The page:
TIMES BEACH • In 1925, the old St. Louis Times newspaper offered clubhouse sites along the Meramec River for a "popular new summer resort." Fifty years later, it was a countryfied outer suburb for people of modest means.
Built on bottomland east of Eureka, Times Beach was vulnerable to the periodic rages of the Meramec, a river that drains a wide area of wooded hills. Renowned for its winding miles of rewarding scenery, the Meramec also is a treacherous rain ditch.
Times Beach residents knew how to let the floods pass and get by with ragtag repairs.
In November 1982, they learned that oil used to spray the town's many dirt lanes had been laced with dioxin, a toxin deadly to animals. The U.S. Environmental Protection Agency began taking samples.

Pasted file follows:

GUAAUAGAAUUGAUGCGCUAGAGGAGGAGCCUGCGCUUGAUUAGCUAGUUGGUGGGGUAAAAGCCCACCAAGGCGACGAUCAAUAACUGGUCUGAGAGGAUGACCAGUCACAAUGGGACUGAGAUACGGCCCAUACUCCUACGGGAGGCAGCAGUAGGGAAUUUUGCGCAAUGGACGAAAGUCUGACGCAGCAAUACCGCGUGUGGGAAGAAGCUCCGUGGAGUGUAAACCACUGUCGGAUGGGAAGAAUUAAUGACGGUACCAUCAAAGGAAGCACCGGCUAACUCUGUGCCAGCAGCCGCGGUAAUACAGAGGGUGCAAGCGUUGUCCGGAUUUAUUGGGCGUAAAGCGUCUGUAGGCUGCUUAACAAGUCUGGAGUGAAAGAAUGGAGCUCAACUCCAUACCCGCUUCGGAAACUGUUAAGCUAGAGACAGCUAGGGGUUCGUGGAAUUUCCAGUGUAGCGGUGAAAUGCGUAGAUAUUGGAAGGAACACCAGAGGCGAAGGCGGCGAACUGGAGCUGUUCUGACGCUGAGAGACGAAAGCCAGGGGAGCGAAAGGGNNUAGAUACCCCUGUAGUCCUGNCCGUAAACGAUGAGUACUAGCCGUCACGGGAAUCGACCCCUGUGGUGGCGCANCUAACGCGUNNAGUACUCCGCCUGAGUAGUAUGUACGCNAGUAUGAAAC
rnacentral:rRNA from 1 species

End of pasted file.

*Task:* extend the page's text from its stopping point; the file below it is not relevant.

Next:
"People want their peace of mind," said resident Lane Jumper.
As they awaited results, the river changed everything. On Dec. 2, with the temperature a record 74, rain began falling steadily, then in torrents - 5 inches near St. Louis, accompanied by tornadoes that heavily damaged New Baden, Ill. Parts of eastern Missouri, including some of the Meramec watershed, had more than 10 inches over four days.
The first big flooding was along the Cuivre River, chasing people from Old Monroe. Overflow rushed over the Lake Saint Louis dam. Even the Mississippi River rose nine feet.
Almost 4,000 people already were homeless in Missouri and Illinois as the Meramec's swollen tributaries converged. People along the lower Meramec were warned of a crest almost 20 feet over flood stage at Valley Park.